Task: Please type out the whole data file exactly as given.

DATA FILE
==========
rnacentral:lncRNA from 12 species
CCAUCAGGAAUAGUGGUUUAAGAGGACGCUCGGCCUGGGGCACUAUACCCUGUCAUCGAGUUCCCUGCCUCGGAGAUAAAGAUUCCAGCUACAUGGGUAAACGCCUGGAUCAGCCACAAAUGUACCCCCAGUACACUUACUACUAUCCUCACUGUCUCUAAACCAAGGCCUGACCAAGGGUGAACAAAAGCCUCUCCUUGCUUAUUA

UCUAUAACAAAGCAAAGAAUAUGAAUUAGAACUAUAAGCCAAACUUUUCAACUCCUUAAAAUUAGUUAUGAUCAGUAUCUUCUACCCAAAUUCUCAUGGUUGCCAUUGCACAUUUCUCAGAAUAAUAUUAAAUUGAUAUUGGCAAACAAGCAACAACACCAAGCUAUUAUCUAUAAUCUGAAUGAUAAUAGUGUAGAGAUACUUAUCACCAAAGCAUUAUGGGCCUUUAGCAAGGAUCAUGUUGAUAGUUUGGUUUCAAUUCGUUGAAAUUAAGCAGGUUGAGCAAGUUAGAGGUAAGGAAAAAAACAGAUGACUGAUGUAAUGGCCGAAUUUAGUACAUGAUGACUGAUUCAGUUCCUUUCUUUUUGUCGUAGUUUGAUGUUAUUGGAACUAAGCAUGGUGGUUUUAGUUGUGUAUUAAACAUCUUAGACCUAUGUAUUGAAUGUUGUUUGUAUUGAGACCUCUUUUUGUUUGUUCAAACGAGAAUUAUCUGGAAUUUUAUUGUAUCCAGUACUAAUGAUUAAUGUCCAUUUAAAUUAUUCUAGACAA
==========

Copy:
rnacentral:lncRNA from 12 species
CCAUCAGGAAUAGUGGUUUAAGAGGACGCUCGGCCUGGGGCACUAUACCCUGUCAUCGAGUUCCCUGCCUCGGAGAUAAAGAUUCCAGCUACAUGGGUAAACGCCUGGAUCAGCCACAAAUGUACCCCCAGUACACUUACUACUAUCCUCACUGUCUCUAAACCAAGGCCUGACCAAGGGUGAACAAAAGCCUCUCCUUGCUUAUUA

UCUAUAACAAAGCAAAGAAUAUGAAUUAGAACUAUAAGCCAAACUUUUCAACUCCUUAAAAUUAGUUAUGAUCAGUAUCUUCUACCCAAAUUCUCAUGGUUGCCAUUGCACAUUUCUCAGAAUAAUAUUAAAUUGAUAUUGGCAAACAAGCAACAACACCAAGCUAUUAUCUAUAAUCUGAAUGAUAAUAGUGUAGAGAUACUUAUCACCAAAGCAUUAUGGGCCUUUAGCAAGGAUCAUGUUGAUAGUUUGGUUUCAAUUCGUUGAAAUUAAGCAGGUUGAGCAAGUUAGAGGUAAGGAAAAAAACAGAUGACUGAUGUAAUGGCCGAAUUUAGUACAUGAUGACUGAUUCAGUUCCUUUCUUUUUGUCGUAGUUUGAUGUUAUUGGAACUAAGCAUGGUGGUUUUAGUUGUGUAUUAAACAUCUUAGACCUAUGUAUUGAAUGUUGUUUGUAUUGAGACCUCUUUUUGUUUGUUCAAACGAGAAUUAUCUGGAAUUUUAUUGUAUCCAGUACUAAUGAUUAAUGUCCAUUUAAAUUAUUCUAGACAA